PITTSTON TOWNSHIP, LUZERNE COUNTY (WBRE/WYOU) — Congressional representatives from northeastern Pennsylvania are looking into a series of chartered planes that arrived at the Wilkes-Barre/Scranton International airport over the past few weeks.

Airport officials and the operator of the company that handles charter flights at the airport confirm four planes carried minors as well as adult chaperones and interpreters. Those same officials say the flights originated from Texas.

The December 11th a flight headed to New York was diverted to Avoca. A second flight on December 17th, headed to Allentown, was also diverted to Avoca. Two more scheduled flights landed at AVP on December 25th. We spoke with Wilkes-Barre/Scranton Airport Executive Director Carl Beardsley.

“These flights that have originated in El Paso, Texas. They have flown to Wilkes-Barre/Scranton International Airport. From there, buses that take the people who were on the plane to where ever they need to go,” Beardsley explained.

Aviation Technologies Inc. handles all charter flights at the airport. The president of the company, Jim Gallagher, says these flights were different than charters he has seen in the past. He recalls the December 11th flight in particular.

“But this was unique in that when they landed it was a lot of adolescent kids with chaperones and interpreters… Getting on buses and that particular flight went down to Brooklyn New York. The flight didn’t’ the buses did,” Gallagher recalled.

Gallagher says there were about 130 children and teens on each of the flights.

“We put them on buses, buses departed, they could not disclose where the buses were going at that point but we usually don’t get involved with where they are headed on the buses. They usually don’t share that information ever,” said Gallagher.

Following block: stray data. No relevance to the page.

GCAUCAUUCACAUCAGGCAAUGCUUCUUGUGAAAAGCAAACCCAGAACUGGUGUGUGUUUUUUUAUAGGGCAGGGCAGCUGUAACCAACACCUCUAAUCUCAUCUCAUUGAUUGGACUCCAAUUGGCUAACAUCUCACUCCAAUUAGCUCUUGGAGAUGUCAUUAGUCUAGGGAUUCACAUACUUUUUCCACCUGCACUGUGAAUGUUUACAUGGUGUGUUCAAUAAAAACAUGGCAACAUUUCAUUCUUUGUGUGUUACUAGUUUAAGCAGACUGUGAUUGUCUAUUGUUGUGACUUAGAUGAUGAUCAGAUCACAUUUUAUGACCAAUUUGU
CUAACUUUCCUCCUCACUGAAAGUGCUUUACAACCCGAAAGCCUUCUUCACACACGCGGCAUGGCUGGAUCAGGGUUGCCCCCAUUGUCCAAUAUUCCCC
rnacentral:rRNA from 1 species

Congressman Dan Meuser tells Eyewitness News he will be meeting with the Department of Health and Human Services on Wednesday to discuss the flights.

“Why is this being done. Have these individuals been properly vetted for criminal background records? Have they been tested? Have they been vaccinated? Where are they going?,” Meuser asked.

Congressman Matt Cartwright released the following statement:

“These are legitimate concerns and we’ve been looking into it. We know that during the last two administrations, federal agencies have responded to overcrowding issues by relocating unaccompanied children to the custody of properly screened family members, host sponsors, and charitable institutions.”

Congressman Matt Cartwright

Gallagher tells Eyewitness News the Wilkes-Barre/Scranton International Airport (AVP) is a certified vendor for military and government flights.

According to Gallagher, government flights to AVP are common, including military, state officials, prisoner movements and ICE (U.S. Immigration and Customs Enforcement). He added, other than children being on board, it was a typical flight that they would handle for the government. Gallagher says on December 11, one particular flight was a weather diversion from New York which is “very standard” for their operations.

On December 17, a second flight designated as an ICE charter flight was diverted from Allentown to AVP and on December 25, two World Atlantic Flights, WAL 692 and 694, landed at AVP at 6:47pm and 8:50pm. Gallagher says both flights were designated as ICE.

Eyewitness News reached out to ICE regarding the December 25 flights and spokesperson Mary Houtmann said, “it appears those two flights are not ICE.”

Houtmann suggested Eyewitness News reach out to the Department of Health and Human Services, specifically the Office of Refugee Resettlement. We are awaiting their response.

Gallagher has since contacted Eyewitness News and specified that while the paperwork designates the flights as ICE, it is actually another division of Homeland Security, the Department of Health and Human Services that is coordinating the flights.

Airport officials have said the flights were chartered by the U.S. government. What’s not clear is the nature of the flights and who the passengers were. Buses were at the airport and carried the passengers away to an undisclosed location.

Eyewitness News has been working to confirm who was on board the flights.

Eyewitness News did reach out to the U.S Department of Health and human Services for comment. We have not heard a response. We also reached out to the charter company hired by the government, no response from them either. Gallagher says there are possibly more flights coming in the near future.

Eyewitness News will continue to follow this story and provide any updates.